Career: 25 Incredibly Valuable Things to Be Instead of Leader

A Salute to the Second Bananas in the Workplace!

25 Incredibly Valuable Things to Be Instead of Leader

People who strive for a leadership position are held in higher esteem than those who do not. A second-class message lingers about employees who do not strive to move up the ladder — despite their vast contributions to the end goal.

We can work to replace this misguided culture with communication and action that change the dynamic and truly value the entire team.

The benefits to the organizations and employees abound.

  • Retention of high performing team members and their knowledge and finely honed teamwork.
  • An abundance mentality rather than a fight for the leadership spots.
  • A flourishing collaboration as people experience true recognition rather than a skew toward those who strive for the title of leader.

This is the zone of true employee engagement. It highlights contributions not just as tests for future leadership slots but also as a celebration of the employee’s continuing value. People can grow and excel at what they do well rather than feign interest in a leadership position to avoid being seen as an underachiever.

25 Incredibly Valuable Things to Be

In addition to occupational skills and business knowledge, people have natural talents and people-skills abilities that deliver success to the organization.


  1. A great collaborator. Those who have natural collaboration skills or have developed them through years of work are a definite asset to any team.
  2. A memory bank. Even the greatest computers don’t replace someone with a memory for BOTH what has transpired AND the human impact and reaction to it. This memory bank becomes the team’s intuition and collective gut for in-the-moment decisions.
  3. A motivator. Those who inspire themselves and others to higher levels bring every organization to unimagined success.
  4. A velvet truth teller. These naturals at speaking the truth honestly not brutally deliver the soft strength of trust to an organization and its pursuits.
  5. A creative. Having a creative on a team whose function is not primarily creative expands the team’s capacity to work on non-standard requests and its ability to work with creative departments.
  6. An innovator. Those who love and deliver innovation fuel evolution and prevent the failure that comes from inertia and resistance to change.
  7. A supporter. Supporters naturally anticipate needs, fill gaps, and often excel at last minute problem solving. Valuable for any team.
  8. An empathizer. Teamwork needs more than occupational skills to succeed. It needs people with emotional intelligence who can sustain each other. An empathizer does this easily and well and helps all to rise above tough times to reach the goal.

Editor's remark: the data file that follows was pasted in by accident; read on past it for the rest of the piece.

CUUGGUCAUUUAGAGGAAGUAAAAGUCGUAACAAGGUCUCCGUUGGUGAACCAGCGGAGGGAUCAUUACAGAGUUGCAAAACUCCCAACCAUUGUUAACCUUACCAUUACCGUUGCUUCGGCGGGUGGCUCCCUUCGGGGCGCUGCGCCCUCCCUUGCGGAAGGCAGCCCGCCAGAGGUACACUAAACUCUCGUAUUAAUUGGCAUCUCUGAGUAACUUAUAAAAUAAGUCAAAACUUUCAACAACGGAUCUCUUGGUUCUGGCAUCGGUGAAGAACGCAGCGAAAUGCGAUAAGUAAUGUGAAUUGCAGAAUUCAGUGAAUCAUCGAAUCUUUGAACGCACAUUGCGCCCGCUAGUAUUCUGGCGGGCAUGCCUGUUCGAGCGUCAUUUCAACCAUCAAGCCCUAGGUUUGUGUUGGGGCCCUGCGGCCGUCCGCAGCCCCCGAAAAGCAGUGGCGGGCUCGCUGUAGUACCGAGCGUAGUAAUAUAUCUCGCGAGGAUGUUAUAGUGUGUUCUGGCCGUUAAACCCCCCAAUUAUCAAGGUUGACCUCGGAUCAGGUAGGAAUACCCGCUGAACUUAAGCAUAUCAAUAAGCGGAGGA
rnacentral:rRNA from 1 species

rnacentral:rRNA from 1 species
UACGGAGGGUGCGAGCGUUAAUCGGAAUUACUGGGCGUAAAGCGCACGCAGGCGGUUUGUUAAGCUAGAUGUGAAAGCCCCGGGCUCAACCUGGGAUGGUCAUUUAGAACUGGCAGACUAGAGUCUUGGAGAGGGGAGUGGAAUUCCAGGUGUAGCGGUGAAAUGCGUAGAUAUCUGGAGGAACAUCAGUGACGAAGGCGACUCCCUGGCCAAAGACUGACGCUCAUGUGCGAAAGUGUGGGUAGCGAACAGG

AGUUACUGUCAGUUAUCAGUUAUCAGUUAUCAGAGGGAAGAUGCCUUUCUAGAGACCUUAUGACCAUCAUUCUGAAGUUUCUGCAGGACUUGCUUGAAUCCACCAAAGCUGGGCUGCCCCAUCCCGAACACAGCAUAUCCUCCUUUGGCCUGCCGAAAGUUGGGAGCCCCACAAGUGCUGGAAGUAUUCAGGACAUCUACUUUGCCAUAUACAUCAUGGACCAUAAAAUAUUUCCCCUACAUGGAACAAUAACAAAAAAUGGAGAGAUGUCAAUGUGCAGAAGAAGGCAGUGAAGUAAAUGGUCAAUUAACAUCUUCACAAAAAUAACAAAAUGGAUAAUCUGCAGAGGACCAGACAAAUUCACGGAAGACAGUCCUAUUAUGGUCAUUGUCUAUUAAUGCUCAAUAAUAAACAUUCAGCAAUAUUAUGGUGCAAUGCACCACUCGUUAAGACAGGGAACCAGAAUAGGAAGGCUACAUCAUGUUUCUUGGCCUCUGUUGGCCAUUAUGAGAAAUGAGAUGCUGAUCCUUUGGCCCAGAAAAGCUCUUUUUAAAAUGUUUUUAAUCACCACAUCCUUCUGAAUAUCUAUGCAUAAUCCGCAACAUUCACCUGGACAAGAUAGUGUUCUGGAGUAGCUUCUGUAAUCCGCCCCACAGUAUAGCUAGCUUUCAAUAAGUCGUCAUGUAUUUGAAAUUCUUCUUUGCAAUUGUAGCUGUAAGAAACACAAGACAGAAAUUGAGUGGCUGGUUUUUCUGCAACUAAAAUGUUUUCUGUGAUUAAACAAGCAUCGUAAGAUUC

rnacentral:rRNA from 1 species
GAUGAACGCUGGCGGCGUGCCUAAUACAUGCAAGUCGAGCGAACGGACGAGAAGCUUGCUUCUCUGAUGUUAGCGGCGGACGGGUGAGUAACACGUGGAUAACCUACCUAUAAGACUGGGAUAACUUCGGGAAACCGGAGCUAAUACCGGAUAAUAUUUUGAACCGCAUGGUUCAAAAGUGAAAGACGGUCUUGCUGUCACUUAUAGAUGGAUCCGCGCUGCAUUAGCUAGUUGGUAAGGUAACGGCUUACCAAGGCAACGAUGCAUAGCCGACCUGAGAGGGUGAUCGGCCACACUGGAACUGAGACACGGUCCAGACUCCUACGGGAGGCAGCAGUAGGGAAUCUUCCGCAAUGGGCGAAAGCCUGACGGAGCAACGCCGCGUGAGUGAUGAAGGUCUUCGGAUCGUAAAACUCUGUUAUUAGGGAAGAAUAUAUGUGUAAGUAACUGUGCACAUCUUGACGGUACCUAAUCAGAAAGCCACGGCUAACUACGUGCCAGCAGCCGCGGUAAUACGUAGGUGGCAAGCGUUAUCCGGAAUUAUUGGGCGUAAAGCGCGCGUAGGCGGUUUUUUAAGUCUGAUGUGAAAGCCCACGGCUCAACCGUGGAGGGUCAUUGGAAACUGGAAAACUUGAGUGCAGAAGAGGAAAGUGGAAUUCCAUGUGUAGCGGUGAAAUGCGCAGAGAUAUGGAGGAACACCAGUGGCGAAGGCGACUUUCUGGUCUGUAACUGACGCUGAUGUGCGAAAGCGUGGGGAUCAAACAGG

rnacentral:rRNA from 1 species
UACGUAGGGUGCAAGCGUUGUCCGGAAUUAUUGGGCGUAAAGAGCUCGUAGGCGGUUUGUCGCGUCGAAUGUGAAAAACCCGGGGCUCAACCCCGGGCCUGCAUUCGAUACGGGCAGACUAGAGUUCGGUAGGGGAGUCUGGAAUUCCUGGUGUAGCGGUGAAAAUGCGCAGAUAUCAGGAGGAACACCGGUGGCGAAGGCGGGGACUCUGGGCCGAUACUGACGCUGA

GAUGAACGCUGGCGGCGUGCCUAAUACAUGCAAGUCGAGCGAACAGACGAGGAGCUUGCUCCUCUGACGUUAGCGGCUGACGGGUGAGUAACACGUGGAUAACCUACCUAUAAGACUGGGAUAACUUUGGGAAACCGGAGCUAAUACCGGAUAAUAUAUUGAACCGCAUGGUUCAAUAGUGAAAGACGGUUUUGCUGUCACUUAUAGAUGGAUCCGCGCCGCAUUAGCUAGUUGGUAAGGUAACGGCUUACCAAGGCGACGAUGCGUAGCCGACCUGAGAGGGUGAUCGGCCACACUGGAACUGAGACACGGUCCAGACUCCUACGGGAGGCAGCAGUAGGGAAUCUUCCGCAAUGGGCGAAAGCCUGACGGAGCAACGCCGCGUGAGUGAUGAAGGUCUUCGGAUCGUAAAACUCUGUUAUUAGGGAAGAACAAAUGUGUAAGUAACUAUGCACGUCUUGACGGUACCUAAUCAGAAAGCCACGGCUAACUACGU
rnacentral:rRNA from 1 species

9. A sounding board. This ability to know exactly when to listen and when to question while allowing others to own their progression uplifts all who experience this gift.
  10. A get-it-done guy/gal. Without action, ideas die. The follow-through champs drive home success.
  11. A healthy skeptic. Skeptics abound and often drown progress. Healthy skeptics challenge assumptions and prevent groupthink to keep progress flowing.
  12. A critical thinker. Often tapped for a leadership position yet not always interested or successful as a leader. Their value to any team is undisputed.
  13. A port in a storm. Those who can keep the calm for themselves and others during unexpected chaos keep the team balanced and performing during the blasts.
  14. A practical philosopher. Philosophical insights can sustain morale, move all beyond obstacles, and even solve problems. When applied with a simultaneous eye for the practical, the practical philosopher sees solutions that others overlook.
  15. A balance beam. Employees that see both sides of every issue, easily give and take, have hope yet still understand despair, love the present and adapt to the future, become the solid base of success for the whole team.
  16. A sprinter. Bursts of winning energy help every team handle sudden changes and requests, jump the hurdles, and win the day.
  17. A marathoner. Picture a grueling project that is not a sprint. Marathoners are an endless pump of energy, hope, and action during the long haul.
  18. A billboard of diversity. An employee who is of mixed culture, has lived in different countries, grew up with parents of different generations, etc… can bring a valuable renaissance of open-mindedness to the organization and resulting success.
  19. A nexus of personality types. Personality type differences can often be the source of discord. People who border the different personality types (and yes they do exist), help smooth the rough edges and blend the diversity into success.
  20. A double cookie. This is a phrase I coined for people who have great capacity to use their left and right brains together. Instead of being heavily left brain or tipping over to the creative right side, double cookies deliver the power of creative analysis and the big picture. They can spot when the team is trapped on either side or in a war between the two. They spotlight the juncture for team success.
  21. An intuitive. Historically, workplace cultures have marginalized the value of intuition. That is slowly changing to embrace intuitives’ gift of the gut to speed team success.
  22. An organizer. The natural organizer clears the path of complexity for all to reach simple success.
  23. A transplant. The employee who has worked in many industries, or professions, or departments in the organization delivers the single greatest advantage to reducing silos. Let us not label them as unreliable. Let us benefit from their broad vision.
  24. A rainmaker. This rare ability to create opportunities and attract new customers is not just for sales departments. A rainmaker fuels cross teamwork. A rainmaker can energize any team to the highest level of spirited performance.